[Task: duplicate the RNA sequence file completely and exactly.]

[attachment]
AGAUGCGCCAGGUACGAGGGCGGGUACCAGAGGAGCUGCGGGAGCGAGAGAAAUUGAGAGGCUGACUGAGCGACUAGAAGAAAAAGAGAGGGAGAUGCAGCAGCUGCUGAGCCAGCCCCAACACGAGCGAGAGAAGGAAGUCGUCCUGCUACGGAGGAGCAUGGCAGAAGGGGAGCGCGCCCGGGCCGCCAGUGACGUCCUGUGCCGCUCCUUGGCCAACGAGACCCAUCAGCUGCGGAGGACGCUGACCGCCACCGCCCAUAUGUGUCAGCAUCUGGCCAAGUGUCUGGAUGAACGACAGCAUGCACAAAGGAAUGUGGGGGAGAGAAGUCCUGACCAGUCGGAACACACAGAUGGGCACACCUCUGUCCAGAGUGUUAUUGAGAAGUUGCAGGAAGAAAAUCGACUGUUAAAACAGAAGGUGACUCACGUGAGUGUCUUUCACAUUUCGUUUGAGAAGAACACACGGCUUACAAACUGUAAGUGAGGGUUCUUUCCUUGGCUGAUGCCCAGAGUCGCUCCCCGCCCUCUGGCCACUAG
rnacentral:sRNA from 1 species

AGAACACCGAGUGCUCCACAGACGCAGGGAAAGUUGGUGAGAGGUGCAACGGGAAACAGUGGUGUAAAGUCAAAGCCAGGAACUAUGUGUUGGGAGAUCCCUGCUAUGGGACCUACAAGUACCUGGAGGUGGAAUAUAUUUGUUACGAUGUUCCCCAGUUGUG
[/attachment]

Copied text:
AGAUGCGCCAGGUACGAGGGCGGGUACCAGAGGAGCUGCGGGAGCGAGAGAAAUUGAGAGGCUGACUGAGCGACUAGAAGAAAAAGAGAGGGAGAUGCAGCAGCUGCUGAGCCAGCCCCAACACGAGCGAGAGAAGGAAGUCGUCCUGCUACGGAGGAGCAUGGCAGAAGGGGAGCGCGCCCGGGCCGCCAGUGACGUCCUGUGCCGCUCCUUGGCCAACGAGACCCAUCAGCUGCGGAGGACGCUGACCGCCACCGCCCAUAUGUGUCAGCAUCUGGCCAAGUGUCUGGAUGAACGACAGCAUGCACAAAGGAAUGUGGGGGAGAGAAGUCCUGACCAGUCGGAACACACAGAUGGGCACACCUCUGUCCAGAGUGUUAUUGAGAAGUUGCAGGAAGAAAAUCGACUGUUAAAACAGAAGGUGACUCACGUGAGUGUCUUUCACAUUUCGUUUGAGAAGAACACACGGCUUACAAACUGUAAGUGAGGGUUCUUUCCUUGGCUGAUGCCCAGAGUCGCUCCCCGCCCUCUGGCCACUAG
rnacentral:sRNA from 1 species

AGAACACCGAGUGCUCCACAGACGCAGGGAAAGUUGGUGAGAGGUGCAACGGGAAACAGUGGUGUAAAGUCAAAGCCAGGAACUAUGUGUUGGGAGAUCCCUGCUAUGGGACCUACAAGUACCUGGAGGUGGAAUAUAUUUGUUACGAUGUUCCCCAGUUGUG